"If BMW and the likes roll out cheaper lineups that look like its expensive ones, I will stop buying the brand," said BMW owner Harry Tu. "I don't want people to think that I spent 200,000 yuan ($32,680) to buy the car when actually I spent two million yuan."
Smaller cars also mean lower prices and tighter margins. Audi's Q3 retails from around 285,000 yuan, or roughly 20% less than a China-made model of the larger Q5. Prices for BMW's X1 start around 242,000 yuan, significantly lower than the BMW X3, which start around 523,000 yuan.
Karsten Engel, president and chief executive of BMW's China region, estimated profit margins could erode by between 1% and 2% annually as the trend toward smaller premium cars takes hold.
Audi's Mr. Voggenreiter said his brand's move into lower price segments wouldn't hurt the brand's exclusivity, and would pull new buyers out of mass-market rivals. "From market research we know that there are many prospective customers in the huge general compact car market, who think about upgrading to premium," he said.
Some of the contenders in the crowded second tier of China's luxury market also see an opportunity in smaller vehicles.
"In China people are becoming more and more aware of the pollution and congestion challenges," said Lex Kerssemakers, senior vice president for product strategy at Volvo Car Corp., which is owned by China's Zhejiang Geely Holding Group Co. "That's why premium smaller cars will play an increasing role as customers are not prepared to compromise on brand image, features and comfort."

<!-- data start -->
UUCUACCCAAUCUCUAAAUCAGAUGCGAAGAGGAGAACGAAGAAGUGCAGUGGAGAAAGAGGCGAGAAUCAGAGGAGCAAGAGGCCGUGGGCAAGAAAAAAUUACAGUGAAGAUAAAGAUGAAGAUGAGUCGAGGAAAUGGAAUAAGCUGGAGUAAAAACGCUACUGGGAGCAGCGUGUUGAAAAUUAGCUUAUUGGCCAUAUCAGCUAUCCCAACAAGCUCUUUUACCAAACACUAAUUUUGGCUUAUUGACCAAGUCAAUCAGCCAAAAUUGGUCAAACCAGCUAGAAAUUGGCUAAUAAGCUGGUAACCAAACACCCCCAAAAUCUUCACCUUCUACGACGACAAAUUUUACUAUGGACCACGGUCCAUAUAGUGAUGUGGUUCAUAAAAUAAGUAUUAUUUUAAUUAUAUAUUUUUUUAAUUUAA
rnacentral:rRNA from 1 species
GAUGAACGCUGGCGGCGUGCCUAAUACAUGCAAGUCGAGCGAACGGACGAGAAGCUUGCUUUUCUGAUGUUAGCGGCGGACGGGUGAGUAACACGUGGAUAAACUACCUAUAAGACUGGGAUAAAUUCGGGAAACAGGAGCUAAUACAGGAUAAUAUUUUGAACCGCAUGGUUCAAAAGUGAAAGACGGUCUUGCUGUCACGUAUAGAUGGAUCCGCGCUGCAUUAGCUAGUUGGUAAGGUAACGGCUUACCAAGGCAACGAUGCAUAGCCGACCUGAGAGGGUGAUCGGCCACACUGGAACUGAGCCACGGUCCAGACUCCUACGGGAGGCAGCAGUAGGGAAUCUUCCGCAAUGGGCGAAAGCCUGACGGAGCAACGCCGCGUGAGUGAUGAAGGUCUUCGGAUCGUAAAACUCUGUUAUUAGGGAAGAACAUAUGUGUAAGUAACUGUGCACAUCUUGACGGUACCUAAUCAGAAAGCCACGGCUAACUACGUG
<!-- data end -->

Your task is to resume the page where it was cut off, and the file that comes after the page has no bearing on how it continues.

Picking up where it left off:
U.S. auto giants General Motors Co. GM -1.84%and Ford Motor Co. F -1.53%so far have tried to gain a foothold in China's luxury market with larger models from their respective Cadillac and Lincoln lines. Cadillac builds its large XTS sedan in China.
However, in the future, executives at both brands say they plan to offer a full range of models, including smaller cars.
"We believe growth of small premium vehicles in China will significantly outpace that of the overall premium segment between now and 2020," said John Lawler, chairman and chief executive of Ford Motor (China) Ltd.
Audi, BMW and Mercedes Are Speeding Up Plans to Offer Small Cars to Expand Sales . Small luxury cars are the best choice for rich Chinese. Produce these small luxury cars in china will avoid the tax(17%) and sell it cheaper than what made in Germany. Audi planed to start a3 and SUV Q3 this year. Audi estimates sales of luxury compact vehicles in China rose by 29% during the first half of this year. In 2012, compact luxury car sales in China totaled 136,000. Also, BMW now builds its compact X1 BMW now builds its compact SUV X1 and Daimler is launching globally a new generation of small A-Class vehicles, including a CLA sedan and a GLA sport utility. Production of the GLA compact sport-utility vehicle is to start in about 18 months.
The German cars factories have new target in china, the people who cannot afford large luxury car or rich people who need second car. In this article Audi and BMW get international product, they customize there cars to sell it in china, while Daimler produce A-Class cars to be global product ( same features for all countries). Exactly like how Dr. Z differentiated between international and global companies in the class.